HOLY THURSDAY OF THE LORD’S SUPPER 04/08/2020
Ex 12:1-8, 11-14, 1Cor 11:23-26, John 13: 1-15
Dear brothers and sisters in Christ,
I want to reflect on the virtue of faith as it is demanded by the eucharist, and the virtue of love as it is demonstrated in the washing of the feet. Holy Thursday, the day when we commemorate the Last Supper – the institution of the Eucharist and the Priesthood – Holy Thursday is a good day for us to remind ourselves what the Eucharist is really all about, whether it is celebrated in a grand cathedral or a humble chapel.
It is the Lord himself who is our teacher. Nothing in Scripture leads us to believe that the Last Supper was celebrated with outward opulence and grandeur. Its inward beauty shines forth when Jesus, who is master, teacher, and Lord, kneels before his disciples and washes their feet. Fully aware of his divinity and his mission, Jesus humbled himself before the disciples, doing something that was normally the work of servants.
In performing this symbolic act, Jesus teaches us three things at once: First, he points to the humiliation of the Cross by which he will give his life for us in love, to save us from our sins. Second, the washing of the feet is a symbol of Baptism by which we are thoroughly cleansed by the power of the Cross. And third, Jesus’ act of humble service is a paradigm, a model, for our lives. We are to love and serve others as Jesus did, especially the poor and vulnerable.
So it is that we refer to Jesus’ washing of feet as the “Mandatum” – the mandate – the new law of love, namely, to love others, to show mercy, as God has first loved us.
At table with his disciples for the Passover meal, Jesus again reveals to them the beauty and depth of his love. Jesus celebrates with them the deliverance of God’s people from the slavery of Egypt, but he does so as the One who will bring about a most profound deliverance. For the next day, on the Cross, it is Jesus Himself who will be the Sacrificial Lamb. He, the Lamb of God, will deliver humanity from the slavery of sin and death. He, the Lamb of God will lead any and all who accept this deliverance into the freedom and joy of the Kingdom of Heaven.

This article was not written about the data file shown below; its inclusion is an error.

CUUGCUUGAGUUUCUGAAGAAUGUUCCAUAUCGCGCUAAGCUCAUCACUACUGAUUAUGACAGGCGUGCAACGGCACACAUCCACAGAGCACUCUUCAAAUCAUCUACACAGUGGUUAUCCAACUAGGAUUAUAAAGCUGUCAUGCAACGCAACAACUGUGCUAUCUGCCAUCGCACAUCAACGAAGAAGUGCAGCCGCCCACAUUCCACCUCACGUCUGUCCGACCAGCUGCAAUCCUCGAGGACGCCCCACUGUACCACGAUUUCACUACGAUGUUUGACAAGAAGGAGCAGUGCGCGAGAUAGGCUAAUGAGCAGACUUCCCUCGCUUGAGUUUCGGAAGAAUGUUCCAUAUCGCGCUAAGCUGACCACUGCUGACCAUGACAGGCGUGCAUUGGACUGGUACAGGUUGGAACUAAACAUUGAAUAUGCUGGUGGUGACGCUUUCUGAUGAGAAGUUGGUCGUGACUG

As he took bread, blessed it, broke it, and said, “This is my Body that is for you” …and as he took wine as said, “This is the new covenant in my blood” …Jesus “encapsulated” his Presence and his Sacrificial Love in the bread and wine he totally transformed into Himself by those very words. Then he added: “Do this in memory of me!” – in other words, do this as the way of perpetuating until the end of time my living Presence and the One Sacrifice of Redemption I will offer on Calvary. This is the heart and soul of every Mass… this the sacrificial meal set before us… whether Mass is celebrated with great solemnity or utter simplicity.
With the eyes of faith, let us peer into the inner beauty of every Mass as we gaze upon the Lamb of God who takes away the sins of the world. Let us meditate on the Eucharist daily, so we will never take it for granted or come to think that any other form of spiritual nourishment compares with it or come to think that, in the end, we can do without this great mystery of love that connects us to Jesus, that causes him to live in us and among us, enables us to forgive and be forgiven, and gives us the wherewithal to live the law of love, to love others in daily life as God first loved us!
We, your priests, trace our priesthood to this night also, for in instituting the Eucharist Jesus also instituted the ministerial priesthood… (which is why prayer before the Eucharist is so essential in raising up vocations to the priesthood). As Jesus knelt before his disciples, so we should serve you, our people, with devotion. As Jesus was the Word of God in the flesh, so too we should preach the Word in season and out of season, and not only with words but also with our example. As Jesus took bread, blessed and broke it, so too we, your priests, should be humbled and awestruck every time we say: “This is my Body given for you!” “This is my Blood poured out for the forgiveness of sins.” How this mystery should transform our lives and yours! How this mystery should impel us to share the Good News with others and invite those who no longer practice their faith to return the altar of the Lord.
This day we come together as one, priests and people, around the table of the Lord. Let us come not only with a renewed and deepened appreciation but indeed with genuine praise and thanksgiving to the Lord who loves us more than we could ever ask or imagine, as together we say: “O Sacrament most holy, O Sacrament divine, all praise and all thanksgiving, be every moment Thine!”
Fr. Valery Burusu